What Does Compassion Look Like

What does compassion look like at mercy house?

My name is Jacob, and I’m the Development Director at Mercy House a non-profit organization that serves homeless individuals and families here in California and Arizona. Mercy House is involved in outreach to homeless communities and homeless encampments. We provide services to high-density areas of homeless populations to connect them to our navigation center for local resources and shelter.

When you consider the vast amount of resources and wealth we see, it is hard to understand why there is homelessness. After hearing the stories of families and individuals living on the streets, I know we can do better! I know with the right partnerships and the right priorities we can end homelessness.

The biggest misconception about homelessness is that everyone just needs to get a job and that will solve everything. There’s a misunderstanding that people can just wake up one morning and say, all right, I’m going to get a job. For example, many have been laid off from their jobs and overstayed their welcome with friends or family. Most of our clients would like a job, but the truth is, that may not be what they need most. The reality is that substance abuse, a criminal record, domestic violence, mental health challenges, or physical illness can all be obstacles to gaining independence.

Mental illness can cause broken relationships, loss of employment, eviction, and homelessness. But it can also work in the reverse in that homeless can exacerbate mental illness. Things like lack of sleep, substance abuse, and trauma will impact someone’s mental wellness. There is such a broad spectrum of what makes up mental illness, and there is a lot of stigma around these types of diagnosis. Unlike a broken leg or health condition that you can test for, it is sometimes difficult to pinpoint exactly what is causing the person’s erratic behavior.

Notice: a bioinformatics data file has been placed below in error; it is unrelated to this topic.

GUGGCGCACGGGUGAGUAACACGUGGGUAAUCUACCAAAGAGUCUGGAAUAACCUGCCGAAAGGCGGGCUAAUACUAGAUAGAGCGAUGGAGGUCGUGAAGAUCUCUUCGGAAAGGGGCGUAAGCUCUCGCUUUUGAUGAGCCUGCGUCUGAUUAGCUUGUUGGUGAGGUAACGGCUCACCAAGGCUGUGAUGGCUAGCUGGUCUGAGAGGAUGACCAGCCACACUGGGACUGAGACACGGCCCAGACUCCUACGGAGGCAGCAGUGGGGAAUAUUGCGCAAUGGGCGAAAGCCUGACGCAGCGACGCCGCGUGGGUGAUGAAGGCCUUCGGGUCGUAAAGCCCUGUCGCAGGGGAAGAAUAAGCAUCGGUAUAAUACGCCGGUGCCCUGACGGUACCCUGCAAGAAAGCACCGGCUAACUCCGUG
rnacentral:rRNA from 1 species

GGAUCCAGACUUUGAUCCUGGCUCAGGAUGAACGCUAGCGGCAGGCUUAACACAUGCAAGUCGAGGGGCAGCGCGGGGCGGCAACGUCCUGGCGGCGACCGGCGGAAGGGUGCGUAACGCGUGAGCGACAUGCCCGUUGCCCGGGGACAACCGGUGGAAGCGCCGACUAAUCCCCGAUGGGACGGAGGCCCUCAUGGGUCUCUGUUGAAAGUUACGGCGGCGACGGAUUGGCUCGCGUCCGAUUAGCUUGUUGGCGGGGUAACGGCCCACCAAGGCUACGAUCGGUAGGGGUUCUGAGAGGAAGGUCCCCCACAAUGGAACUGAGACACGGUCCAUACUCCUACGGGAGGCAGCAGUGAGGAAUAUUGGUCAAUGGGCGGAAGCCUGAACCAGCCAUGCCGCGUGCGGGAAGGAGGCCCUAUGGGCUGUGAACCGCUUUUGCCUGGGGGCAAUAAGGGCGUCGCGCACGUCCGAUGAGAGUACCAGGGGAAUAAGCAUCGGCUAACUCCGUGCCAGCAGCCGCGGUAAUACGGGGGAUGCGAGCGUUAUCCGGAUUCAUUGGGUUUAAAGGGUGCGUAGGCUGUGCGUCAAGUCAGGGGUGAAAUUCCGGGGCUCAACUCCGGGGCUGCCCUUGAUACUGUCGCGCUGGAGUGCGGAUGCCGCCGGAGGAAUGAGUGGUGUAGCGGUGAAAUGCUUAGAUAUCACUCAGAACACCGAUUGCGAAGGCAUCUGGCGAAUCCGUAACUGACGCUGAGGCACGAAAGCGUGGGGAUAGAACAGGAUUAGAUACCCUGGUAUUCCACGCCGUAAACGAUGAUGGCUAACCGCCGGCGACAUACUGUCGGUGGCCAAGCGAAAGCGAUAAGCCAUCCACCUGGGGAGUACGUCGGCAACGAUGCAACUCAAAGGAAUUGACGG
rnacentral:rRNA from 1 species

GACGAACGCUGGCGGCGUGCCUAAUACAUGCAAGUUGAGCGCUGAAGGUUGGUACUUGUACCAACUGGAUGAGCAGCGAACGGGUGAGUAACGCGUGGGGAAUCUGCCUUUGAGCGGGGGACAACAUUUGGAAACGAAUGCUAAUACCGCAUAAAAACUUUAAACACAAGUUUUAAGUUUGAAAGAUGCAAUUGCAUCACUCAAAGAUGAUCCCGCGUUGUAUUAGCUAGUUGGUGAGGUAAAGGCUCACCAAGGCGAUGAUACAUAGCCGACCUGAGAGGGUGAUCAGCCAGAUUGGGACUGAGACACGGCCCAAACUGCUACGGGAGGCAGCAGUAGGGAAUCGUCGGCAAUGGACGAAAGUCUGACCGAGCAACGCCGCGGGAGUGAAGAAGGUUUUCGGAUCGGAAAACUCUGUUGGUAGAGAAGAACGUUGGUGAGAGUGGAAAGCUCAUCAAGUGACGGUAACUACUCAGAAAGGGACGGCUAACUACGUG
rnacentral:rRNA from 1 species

Unfortunately, there’s this idea that, if someone needs help for anxiety or depression they are weak, and this is simply not the case. This is why it is important to have a broad approach with a holistic view toward helping people become self-sufficient. Although not everyone is going to get a job tomorrow, ultimately everyone can be self-sufficient in their own way.

Building relationships is the foundation of how Mercy House helps people move from living on the streets to being in housing. A history of broken relationships, domestic violence, or some kind of abuse can prevent them from trusting others. At Mercy House, the focus is on regaining a homeless person’s trust and working with them. For example, taking the time to help them repair past relationships or reconnect with their own family. To have the courage to make these changes first they need to trust that we have their best interest at heart.

We also want to focus on education and advocacy by going to city council meetings, supporting affordable housing initiatives, and speaking at community events. Our goal is to help provide resources for the homeless population as well as prevention. We provide transitional shelter, create move-in baskets, and provide hygiene kits for our outreach workers to take out when they’re meeting someone who’s on the street.